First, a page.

|Publication number||US5032337 A|
|Application number||US 07/447,847|
|Publication date||Jul 16, 1991|
|Filing date||Dec 8, 1989|
|Priority date||Dec 9, 1988|
|Also published as||CA2004308A1, DE68920012D1, DE68920012T2, EP0374993A2, EP0374993A3, EP0374993B1|
|Publication number||07447847, 447847, US 5032337 A, US 5032337A, US-A-5032337, US5032337 A, US5032337A|
|Inventors||Willy A. M. Nachtergaele, Jan H. Van Nuffel|
|Original Assignee||Amylum, Naamloze Vennootschap|
|Export Citation||BiBTeX, EndNote, RefMan|
|Patent Citations (14), Non-Patent Citations (2), Referenced by (16), Classifications (26), Legal Events (5)|
|External Links: USPTO, USPTO Assignment, Espacenet|
The invention relates to a process for the manufacture of a mixture of starch and polyvinyl alcohol.
It is known that polyvinyl alcohol in different applications such as adhesives, sizing agent for threads, water dissolvable films and paper coating, exercises a positive influence on the functional properties of the prepared products.
The polyvinyl alcohol employed can moreover vary in properties depending on the application. These properties are determined by the degree of hydrolysis and the molecular weight of the product.
In most cases the polyvinyl alcohol needs to be heated sufficiently long in order to bring the product completely into solution.
Furthermore it frequently occurs that polyvinyl alcohol is employed in combination with starch derivatives which are soluble or dispersible in cold water.
This is particularly the case in paper coating compositions in which in practice mixtures of starch and polyvinyl alcohol are applied.
Such mixtures exert, in the presence of optical whiteners, an advantageous influence on the whiteness of the paper. Moreover the starch as a solution or otherwise is added to the size of whiteners. However a polyvinyl dispersion must first be manufactured which is then heated in order to dissolve the polyvinyl alcohol.
The starch can also be added directly in dry form to the size of optical whiteners. In the paper coating sector for that matter it is the trend to change over to superior dry material coatings.
The addition of a modified starch in dry form to a pigment size, with the intention of raising the dry material content of the coating composition, was already described in U.S. Pat. No. 4,425,452. This method offers the advantage that during the drying of the coated paper less moisture needs to be evaporated, which results in a more economical procedure. According to this patent, however no use is made of polyvinyl alcohol.
In the above-mentioned application but also in many other applications it would thus be very advantageous if the polyvinyl alcohol were very quickly soluble in cold water whereby the polyvinyl alcohol could also be added directly in dry form to the pigment slurry. On the one hand the coating installation would be simplified because no solution and heating installation for the starch and the polyvinyl alcohol are necessary. On the other hand, a coating agent with a higher dry material content would be obtained through which during the drying of the coated paper less energy needs to be employed in order to evaporate the superfluous moisture and/or through which the speed of the coater can be increased.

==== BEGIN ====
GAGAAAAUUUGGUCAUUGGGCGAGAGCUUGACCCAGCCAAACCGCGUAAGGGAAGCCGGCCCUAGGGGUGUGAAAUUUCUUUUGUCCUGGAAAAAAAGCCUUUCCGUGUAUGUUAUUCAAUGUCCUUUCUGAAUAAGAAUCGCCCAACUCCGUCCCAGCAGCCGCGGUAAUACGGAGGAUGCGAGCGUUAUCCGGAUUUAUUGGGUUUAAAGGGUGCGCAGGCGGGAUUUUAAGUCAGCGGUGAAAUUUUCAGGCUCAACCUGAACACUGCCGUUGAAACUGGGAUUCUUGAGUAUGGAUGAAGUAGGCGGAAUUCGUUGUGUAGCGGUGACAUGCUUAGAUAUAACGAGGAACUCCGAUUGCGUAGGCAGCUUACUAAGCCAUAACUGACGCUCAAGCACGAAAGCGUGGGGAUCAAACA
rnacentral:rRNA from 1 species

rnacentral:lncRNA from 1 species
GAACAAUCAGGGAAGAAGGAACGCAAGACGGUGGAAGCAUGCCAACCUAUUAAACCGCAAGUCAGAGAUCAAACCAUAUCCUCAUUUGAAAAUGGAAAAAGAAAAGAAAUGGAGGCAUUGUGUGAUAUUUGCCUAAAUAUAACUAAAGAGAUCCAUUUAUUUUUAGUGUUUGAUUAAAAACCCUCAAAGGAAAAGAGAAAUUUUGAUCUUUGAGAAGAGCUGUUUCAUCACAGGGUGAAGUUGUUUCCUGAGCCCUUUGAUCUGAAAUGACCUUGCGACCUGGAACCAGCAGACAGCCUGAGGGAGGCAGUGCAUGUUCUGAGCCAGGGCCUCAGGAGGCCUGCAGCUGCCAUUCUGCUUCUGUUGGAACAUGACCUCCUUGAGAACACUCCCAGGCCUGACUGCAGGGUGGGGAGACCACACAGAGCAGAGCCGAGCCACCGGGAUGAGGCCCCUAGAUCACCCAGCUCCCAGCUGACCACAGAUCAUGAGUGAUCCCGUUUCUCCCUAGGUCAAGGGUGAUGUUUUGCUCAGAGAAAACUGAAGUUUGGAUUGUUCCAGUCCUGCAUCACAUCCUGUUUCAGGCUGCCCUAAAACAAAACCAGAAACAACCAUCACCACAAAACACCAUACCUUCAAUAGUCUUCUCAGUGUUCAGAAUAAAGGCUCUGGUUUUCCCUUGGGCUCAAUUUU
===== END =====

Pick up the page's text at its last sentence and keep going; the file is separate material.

A cold soluble polyvinyl alcohol, whether or not in combination with a starch or a derivative thereof, however was unknown prior to the present invention.
The purpose of the present invention is to provide a procedure for the manufacture of a mixture of starch and polyvinyl alcohol whereby a mixture is obtained that is soluble in cold water.
For this purpose 50 to 95 parts by weight starch and 5 to 50 parts by weight polyvinyl alcohol are thoroughly mixed, furthermore the moisture content of the mixture is regulated between 10 and 25 weight % and subsequently the mixture is subjected to a thermo-mechanical treatment at a temperature situated between 110° and 180° C., with which treatment this mixture is subjected to shearing forces such that the product obtained, when it is dispersed in cold water and subsequently centrifuged, divides into a watery phase and a coacervate phase without a third phase consisting of a sediment of undissolved polyvinyl alcohol being formed.
In a particular embodiment of the procedure a continuous extrusion is performed as the thermo-mechanical treatment.
In a notable embodiment of the invention the moisture content is regulated between 12 and 20 weight % during the mixing of the starch and the polyvinyl alcohol.
In a functional embodiment of the invention a polyvinyl alcohol with a degree of saponification between 87 and 100% is employed.
In paper coating strongly saponified polyvinyl alcohol is preferably applied.
The starch employed can be a natural or modified starch. The modified starch can be etherified or esterified and/or oxidatively broken down by acid or enzymes.
A granular etherified starch is preferably employed.
In another embodiment of the invention an acid is added to the mixture in order further to break down the starch.